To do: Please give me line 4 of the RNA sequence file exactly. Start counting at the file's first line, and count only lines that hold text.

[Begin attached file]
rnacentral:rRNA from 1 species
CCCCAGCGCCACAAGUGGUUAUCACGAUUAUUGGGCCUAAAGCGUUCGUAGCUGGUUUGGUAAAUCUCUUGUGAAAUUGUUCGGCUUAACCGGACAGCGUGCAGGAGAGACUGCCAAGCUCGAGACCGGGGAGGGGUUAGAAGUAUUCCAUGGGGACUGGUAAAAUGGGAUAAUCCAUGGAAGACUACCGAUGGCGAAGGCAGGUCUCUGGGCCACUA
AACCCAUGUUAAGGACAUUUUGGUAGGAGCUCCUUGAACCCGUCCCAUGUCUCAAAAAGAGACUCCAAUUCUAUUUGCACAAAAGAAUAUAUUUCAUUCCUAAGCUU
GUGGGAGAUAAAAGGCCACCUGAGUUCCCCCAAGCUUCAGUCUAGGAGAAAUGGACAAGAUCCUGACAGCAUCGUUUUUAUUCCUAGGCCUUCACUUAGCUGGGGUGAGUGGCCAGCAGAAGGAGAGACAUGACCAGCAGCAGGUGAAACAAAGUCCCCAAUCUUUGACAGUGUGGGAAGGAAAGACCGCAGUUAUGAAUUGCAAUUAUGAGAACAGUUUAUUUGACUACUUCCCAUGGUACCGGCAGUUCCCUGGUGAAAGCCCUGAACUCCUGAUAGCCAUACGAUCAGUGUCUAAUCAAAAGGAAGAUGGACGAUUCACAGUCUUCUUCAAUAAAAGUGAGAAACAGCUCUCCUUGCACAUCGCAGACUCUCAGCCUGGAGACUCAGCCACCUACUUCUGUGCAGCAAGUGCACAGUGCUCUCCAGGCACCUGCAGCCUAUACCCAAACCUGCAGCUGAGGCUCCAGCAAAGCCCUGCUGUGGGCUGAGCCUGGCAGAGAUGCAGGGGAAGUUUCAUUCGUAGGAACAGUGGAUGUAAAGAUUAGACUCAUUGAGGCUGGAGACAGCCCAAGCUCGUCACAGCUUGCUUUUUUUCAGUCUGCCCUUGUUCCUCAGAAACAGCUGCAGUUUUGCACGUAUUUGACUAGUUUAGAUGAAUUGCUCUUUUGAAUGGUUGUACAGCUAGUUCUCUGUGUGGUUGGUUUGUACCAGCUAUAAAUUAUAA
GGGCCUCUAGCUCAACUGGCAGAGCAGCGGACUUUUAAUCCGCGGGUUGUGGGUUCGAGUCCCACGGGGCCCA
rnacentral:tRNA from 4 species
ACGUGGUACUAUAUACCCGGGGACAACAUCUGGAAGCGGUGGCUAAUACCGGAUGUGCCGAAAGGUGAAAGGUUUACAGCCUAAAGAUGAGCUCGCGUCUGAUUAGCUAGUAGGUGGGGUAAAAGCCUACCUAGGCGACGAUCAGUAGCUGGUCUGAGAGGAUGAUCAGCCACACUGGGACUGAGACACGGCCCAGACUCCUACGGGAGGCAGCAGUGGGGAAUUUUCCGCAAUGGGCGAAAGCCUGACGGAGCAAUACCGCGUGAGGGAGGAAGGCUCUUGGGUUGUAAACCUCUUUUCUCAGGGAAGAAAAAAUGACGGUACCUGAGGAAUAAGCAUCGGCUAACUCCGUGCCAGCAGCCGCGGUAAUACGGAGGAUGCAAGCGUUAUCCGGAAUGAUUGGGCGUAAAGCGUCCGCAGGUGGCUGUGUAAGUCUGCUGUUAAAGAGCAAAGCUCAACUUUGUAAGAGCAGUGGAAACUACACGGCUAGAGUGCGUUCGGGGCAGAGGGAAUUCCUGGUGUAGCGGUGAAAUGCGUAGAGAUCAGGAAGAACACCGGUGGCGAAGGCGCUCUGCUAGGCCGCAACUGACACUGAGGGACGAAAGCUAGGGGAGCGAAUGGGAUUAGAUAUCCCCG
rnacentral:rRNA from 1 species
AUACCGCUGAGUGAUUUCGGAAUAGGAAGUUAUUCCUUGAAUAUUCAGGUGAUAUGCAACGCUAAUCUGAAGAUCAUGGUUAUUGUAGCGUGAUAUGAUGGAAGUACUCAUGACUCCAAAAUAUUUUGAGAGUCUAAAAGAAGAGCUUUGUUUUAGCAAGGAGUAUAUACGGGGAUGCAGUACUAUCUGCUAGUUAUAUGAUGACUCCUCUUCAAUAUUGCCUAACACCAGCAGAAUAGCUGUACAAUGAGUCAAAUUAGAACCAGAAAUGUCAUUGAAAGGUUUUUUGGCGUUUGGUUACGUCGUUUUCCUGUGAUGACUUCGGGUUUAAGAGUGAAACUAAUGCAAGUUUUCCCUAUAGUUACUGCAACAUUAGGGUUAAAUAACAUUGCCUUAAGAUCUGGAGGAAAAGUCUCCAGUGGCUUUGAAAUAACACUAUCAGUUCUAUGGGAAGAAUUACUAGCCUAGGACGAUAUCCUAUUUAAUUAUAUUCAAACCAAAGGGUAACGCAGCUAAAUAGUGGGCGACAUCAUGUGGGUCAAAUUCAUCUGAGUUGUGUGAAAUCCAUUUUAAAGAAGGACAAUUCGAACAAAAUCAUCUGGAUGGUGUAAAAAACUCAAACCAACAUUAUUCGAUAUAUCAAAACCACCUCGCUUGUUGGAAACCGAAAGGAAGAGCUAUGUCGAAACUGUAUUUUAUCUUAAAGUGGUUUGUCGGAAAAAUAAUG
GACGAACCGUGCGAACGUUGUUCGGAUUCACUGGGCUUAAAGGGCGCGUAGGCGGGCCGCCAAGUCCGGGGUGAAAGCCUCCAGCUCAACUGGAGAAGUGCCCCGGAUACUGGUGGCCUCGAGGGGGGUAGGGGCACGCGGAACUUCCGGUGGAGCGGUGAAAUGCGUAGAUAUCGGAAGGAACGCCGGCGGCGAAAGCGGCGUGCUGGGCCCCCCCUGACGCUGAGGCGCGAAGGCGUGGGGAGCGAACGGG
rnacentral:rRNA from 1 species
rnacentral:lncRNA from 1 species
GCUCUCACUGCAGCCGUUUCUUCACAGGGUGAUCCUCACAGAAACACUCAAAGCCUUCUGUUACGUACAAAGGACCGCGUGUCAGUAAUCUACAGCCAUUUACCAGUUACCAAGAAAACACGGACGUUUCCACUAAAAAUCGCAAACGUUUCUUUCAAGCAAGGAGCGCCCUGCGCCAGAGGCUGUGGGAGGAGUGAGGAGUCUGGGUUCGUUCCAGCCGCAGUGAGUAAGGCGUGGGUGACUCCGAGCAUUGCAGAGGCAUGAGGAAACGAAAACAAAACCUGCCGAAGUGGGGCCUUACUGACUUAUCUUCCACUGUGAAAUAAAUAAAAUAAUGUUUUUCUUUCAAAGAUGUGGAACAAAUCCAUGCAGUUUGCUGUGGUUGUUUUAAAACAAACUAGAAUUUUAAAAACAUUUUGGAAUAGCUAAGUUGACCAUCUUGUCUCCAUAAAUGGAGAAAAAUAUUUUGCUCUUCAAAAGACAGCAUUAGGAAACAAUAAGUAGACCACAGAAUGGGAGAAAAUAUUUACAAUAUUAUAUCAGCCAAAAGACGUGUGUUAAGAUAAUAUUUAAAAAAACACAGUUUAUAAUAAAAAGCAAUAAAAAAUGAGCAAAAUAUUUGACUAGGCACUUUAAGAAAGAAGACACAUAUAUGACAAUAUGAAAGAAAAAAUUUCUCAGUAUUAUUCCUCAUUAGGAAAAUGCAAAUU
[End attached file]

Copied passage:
GUGGGAGAUAAAAGGCCACCUGAGUUCCCCCAAGCUUCAGUCUAGGAGAAAUGGACAAGAUCCUGACAGCAUCGUUUUUAUUCCUAGGCCUUCACUUAGCUGGGGUGAGUGGCCAGCAGAAGGAGAGACAUGACCAGCAGCAGGUGAAACAAAGUCCCCAAUCUUUGACAGUGUGGGAAGGAAAGACCGCAGUUAUGAAUUGCAAUUAUGAGAACAGUUUAUUUGACUACUUCCCAUGGUACCGGCAGUUCCCUGGUGAAAGCCCUGAACUCCUGAUAGCCAUACGAUCAGUGUCUAAUCAAAAGGAAGAUGGACGAUUCACAGUCUUCUUCAAUAAAAGUGAGAAACAGCUCUCCUUGCACAUCGCAGACUCUCAGCCUGGAGACUCAGCCACCUACUUCUGUGCAGCAAGUGCACAGUGCUCUCCAGGCACCUGCAGCCUAUACCCAAACCUGCAGCUGAGGCUCCAGCAAAGCCCUGCUGUGGGCUGAGCCUGGCAGAGAUGCAGGGGAAGUUUCAUUCGUAGGAACAGUGGAUGUAAAGAUUAGACUCAUUGAGGCUGGAGACAGCCCAAGCUCGUCACAGCUUGCUUUUUUUCAGUCUGCCCUUGUUCCUCAGAAACAGCUGCAGUUUUGCACGUAUUUGACUAGUUUAGAUGAAUUGCUCUUUUGAAUGGUUGUACAGCUAGUUCUCUGUGUGGUUGGUUUGUACCAGCUAUAAAUUAUAA